Takashi Homma: Revolution 9
In a city, one is always being watched - and often captured on camera - whether on purpose or by chance. Takashi Homma’s photo series The Narcissistic City turns this notion inwards, in images that he says “use the city to shoot the city”. As he travels to cities around the world, the artist uses hotel rooms as pinhole cameras. Conceptually brilliant and expertly achieved, light that creates the images streams in through a small hole, open to the outside, reproducing inverted urban landscapes inside the pitch-black room.
Such a technique is not only radical in its approach, but thoughtful, even tender, when it comes to considering place, space and stories that are made beneath our skylines. In a soon-to-be-ending show at Tokyo’s TOP Museum - Homma’s first Japanese solo show in years - the layout reflects the process of capturing these images. Works are displayed on the walls of rooms that encircle one central room. This room can’t be accessed, but instead, viewers peer inside through large peepholes designed to mimic Homma’s pinhole camera technique. The central room also exists as if to represent those rooms that were used as cameras obscurae in the making of the images themselves. In this way, the show continues visual representations and conversations around viewership in cities.
There is a focus on improvisation in the exhibition, entitled Revolution 9. Homma explains, “The title is, of course, from a Beatles song, their only music concoction, well, noise, a sound collage.” John Lennon said of the song that he was trying to paint a picture of a revolution using sound. Inspired by Yoko Ono’s avant-garde art, Lennon put a collection of voices together for the track. In the show, Homma and his musical collaborators have done numerous musical performances playing piano, steel pans, and various electronic instruments to accompany viewing of the work. “Music, or rather sound, is important to me,” Homma says, “not background music. I want to do photography and music at the same level.”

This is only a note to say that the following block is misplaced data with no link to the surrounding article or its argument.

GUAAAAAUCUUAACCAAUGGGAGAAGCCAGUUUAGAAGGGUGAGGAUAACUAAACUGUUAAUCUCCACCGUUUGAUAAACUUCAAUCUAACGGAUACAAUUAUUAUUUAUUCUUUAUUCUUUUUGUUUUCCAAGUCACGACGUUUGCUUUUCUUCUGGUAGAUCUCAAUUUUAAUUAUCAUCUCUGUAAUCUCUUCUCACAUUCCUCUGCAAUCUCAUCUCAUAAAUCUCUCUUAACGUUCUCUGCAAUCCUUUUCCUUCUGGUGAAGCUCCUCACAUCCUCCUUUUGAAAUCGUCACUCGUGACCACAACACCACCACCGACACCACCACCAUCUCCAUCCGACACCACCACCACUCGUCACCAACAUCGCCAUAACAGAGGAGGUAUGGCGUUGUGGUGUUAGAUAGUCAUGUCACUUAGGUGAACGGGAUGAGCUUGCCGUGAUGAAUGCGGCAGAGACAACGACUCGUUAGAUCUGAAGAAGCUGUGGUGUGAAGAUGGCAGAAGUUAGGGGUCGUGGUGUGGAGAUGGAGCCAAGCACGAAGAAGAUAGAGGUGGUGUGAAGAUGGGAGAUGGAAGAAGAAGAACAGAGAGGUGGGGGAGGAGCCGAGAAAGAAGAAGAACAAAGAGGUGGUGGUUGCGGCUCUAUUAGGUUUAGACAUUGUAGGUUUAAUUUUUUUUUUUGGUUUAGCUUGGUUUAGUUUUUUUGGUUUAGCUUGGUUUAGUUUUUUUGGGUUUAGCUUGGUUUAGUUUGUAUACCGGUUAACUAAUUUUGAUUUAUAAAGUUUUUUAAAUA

Homma’s instagram handle, @seeing_itself, also gives elegant insight into the Tokyo-based photographer’s motivations. His images explore how we see. “I am a Tokyoite,” he states, considering perceptions of the city in his work. “I will continue to photograph Tokyo. How does it look? It is up to the viewer to decide.”
His new book, 2023 AW Istanbul Collection is an edition of DoBeDo’s 6x4 photobook series, and sees fishermen captured on a bridge in another city: Turkey’s largest. The characters are candid, focused as they lean their rods and tackle over the structure. Homma’s way of maintaining a certain distance from his subjects is a process he describes as fluid; “I try not to press the shutter as much as possible.” The Istanbul series are shot on his iPhone, but in their printed form in the photobook - as if beloved travel memories, souvenirs - the images take on yet another perspective. As in the exhibition, the viewer considers, how do we see a city through its scenes?
6 October 2023 - 21 January 2024
Tokyo Photographic Art Museum
〒153-0062 Tokyo, Meguro City,
Mita, 1 Chome−13−3